The nonprofit sector has responded with a mixture of both alarm and calls for action to the investigation that uncovered unsavory practices by the “50 worst” charities in America.
In the meantime, Oregon has become the first state to crack down on charities that fail to spend enough of their donors’ contributions on mission.
Last month, the Tampa Bay Times and The Center for Investigative Reporting published a report identifying 501(c)(3) charities around the country that gulled donors by adopting popular causes or calling themselves names similar to those of well-known charities.
“The nation’s 50 worst charities have paid their solicitors nearly $1 billion over the past 10 years that could have gone to charitable works,” the report said.
Last week, The Chronicle of Philanthropy reported that only one major nonprofit group, the Association of Fundraising Professionals, had issued a statement about the investigation, and it seemed more critical of the reporters than what they uncovered.
The association said the organizations named in the exposé “are such extreme cases that they are not representative of what a typical charity looks like or how it operates.”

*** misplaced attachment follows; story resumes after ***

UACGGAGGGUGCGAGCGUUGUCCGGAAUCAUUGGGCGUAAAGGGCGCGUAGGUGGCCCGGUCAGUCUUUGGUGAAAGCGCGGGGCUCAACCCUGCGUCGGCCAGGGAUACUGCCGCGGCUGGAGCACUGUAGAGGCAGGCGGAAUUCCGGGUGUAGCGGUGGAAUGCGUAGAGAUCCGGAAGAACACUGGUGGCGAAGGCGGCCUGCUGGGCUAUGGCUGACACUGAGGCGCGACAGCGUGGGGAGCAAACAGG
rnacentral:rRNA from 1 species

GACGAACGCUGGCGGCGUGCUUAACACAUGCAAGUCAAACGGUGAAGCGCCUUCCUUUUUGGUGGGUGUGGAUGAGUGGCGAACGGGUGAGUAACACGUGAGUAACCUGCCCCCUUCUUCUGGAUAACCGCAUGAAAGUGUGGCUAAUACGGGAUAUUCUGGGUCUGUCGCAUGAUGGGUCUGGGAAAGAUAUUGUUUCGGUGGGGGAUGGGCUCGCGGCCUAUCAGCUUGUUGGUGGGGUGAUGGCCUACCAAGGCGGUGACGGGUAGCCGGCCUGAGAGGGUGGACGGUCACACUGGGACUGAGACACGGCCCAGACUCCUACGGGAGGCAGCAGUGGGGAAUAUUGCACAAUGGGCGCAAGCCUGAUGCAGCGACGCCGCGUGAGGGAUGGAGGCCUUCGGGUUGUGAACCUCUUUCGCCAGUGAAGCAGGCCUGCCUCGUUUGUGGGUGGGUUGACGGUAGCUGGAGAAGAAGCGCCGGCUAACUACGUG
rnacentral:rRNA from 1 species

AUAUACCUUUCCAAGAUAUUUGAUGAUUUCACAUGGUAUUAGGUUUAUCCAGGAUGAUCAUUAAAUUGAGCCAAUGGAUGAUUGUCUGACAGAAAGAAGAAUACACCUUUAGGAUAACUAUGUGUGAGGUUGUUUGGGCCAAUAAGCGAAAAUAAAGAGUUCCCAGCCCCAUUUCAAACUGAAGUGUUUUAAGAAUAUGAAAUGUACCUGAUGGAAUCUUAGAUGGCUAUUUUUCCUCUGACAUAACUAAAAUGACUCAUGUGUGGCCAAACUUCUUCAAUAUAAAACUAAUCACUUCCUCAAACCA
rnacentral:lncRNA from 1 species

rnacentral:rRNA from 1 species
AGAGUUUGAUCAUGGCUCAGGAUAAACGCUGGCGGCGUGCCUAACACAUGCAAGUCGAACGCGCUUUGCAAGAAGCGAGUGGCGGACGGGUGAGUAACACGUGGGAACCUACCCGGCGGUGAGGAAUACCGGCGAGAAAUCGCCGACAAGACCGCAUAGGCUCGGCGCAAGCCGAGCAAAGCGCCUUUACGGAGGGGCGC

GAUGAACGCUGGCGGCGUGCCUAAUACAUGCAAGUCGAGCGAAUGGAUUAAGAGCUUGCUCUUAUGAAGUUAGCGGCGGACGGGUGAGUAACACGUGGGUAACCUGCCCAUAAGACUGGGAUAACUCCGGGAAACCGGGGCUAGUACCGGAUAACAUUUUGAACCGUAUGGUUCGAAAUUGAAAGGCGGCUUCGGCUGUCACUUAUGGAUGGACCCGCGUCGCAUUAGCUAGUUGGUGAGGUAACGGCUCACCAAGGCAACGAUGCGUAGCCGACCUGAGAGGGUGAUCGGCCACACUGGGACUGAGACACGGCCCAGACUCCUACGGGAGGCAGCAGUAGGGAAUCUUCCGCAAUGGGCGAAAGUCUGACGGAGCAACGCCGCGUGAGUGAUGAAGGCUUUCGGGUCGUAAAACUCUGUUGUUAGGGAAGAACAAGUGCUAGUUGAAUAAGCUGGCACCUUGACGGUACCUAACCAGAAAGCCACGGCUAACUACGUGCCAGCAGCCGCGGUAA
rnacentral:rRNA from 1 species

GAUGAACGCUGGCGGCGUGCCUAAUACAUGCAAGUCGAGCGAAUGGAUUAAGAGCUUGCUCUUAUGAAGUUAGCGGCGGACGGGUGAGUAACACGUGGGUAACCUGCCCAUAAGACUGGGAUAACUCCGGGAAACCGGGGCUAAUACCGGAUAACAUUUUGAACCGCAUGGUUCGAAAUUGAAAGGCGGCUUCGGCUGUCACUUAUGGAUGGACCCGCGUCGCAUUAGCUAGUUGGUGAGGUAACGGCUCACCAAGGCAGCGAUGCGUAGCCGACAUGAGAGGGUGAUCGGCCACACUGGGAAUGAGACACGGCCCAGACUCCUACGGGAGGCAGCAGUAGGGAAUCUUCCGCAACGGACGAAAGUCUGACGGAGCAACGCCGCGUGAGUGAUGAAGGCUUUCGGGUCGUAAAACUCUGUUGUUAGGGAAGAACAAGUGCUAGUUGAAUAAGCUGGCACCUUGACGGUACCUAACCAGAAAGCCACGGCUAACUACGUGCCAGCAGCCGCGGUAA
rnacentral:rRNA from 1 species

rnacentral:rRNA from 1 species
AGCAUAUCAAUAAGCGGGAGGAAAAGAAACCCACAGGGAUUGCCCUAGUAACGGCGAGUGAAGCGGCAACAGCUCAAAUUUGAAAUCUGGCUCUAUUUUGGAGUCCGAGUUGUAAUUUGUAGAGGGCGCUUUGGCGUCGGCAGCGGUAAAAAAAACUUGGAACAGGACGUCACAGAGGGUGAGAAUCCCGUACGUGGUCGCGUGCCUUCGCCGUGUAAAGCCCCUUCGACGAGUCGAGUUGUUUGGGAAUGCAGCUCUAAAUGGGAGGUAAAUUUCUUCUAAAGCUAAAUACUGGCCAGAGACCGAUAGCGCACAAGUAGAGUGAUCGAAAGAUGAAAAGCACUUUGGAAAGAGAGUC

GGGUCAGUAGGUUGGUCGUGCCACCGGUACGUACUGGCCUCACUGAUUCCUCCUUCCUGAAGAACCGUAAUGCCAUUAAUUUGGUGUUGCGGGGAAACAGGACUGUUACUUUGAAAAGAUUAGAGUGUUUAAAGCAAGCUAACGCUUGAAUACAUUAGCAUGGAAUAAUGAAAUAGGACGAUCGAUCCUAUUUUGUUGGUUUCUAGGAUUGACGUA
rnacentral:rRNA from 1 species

The Chronicle reported that another organization, a startup called Charity Defense Council, had urged the investigative reporters “not to write a story based on overhead and fundraising ratios but to write a story based on impact.”
After the article appeared, the group dismissed it for “clearly using a headline to grab readers,” making it suspect from the start.
The Chronicle said several groups on the “50 worst” list had contested their rankings, while some not on the list had tried to put distance between themselves and the others.
On a more proactive note, Roger Craver, a direct-marketing expert, urged nonprofits to tackle the issue head on, according to the article. Remaining silent, he said, amounted to “nothing more—or less—than the collective turning of our backs on the donor.”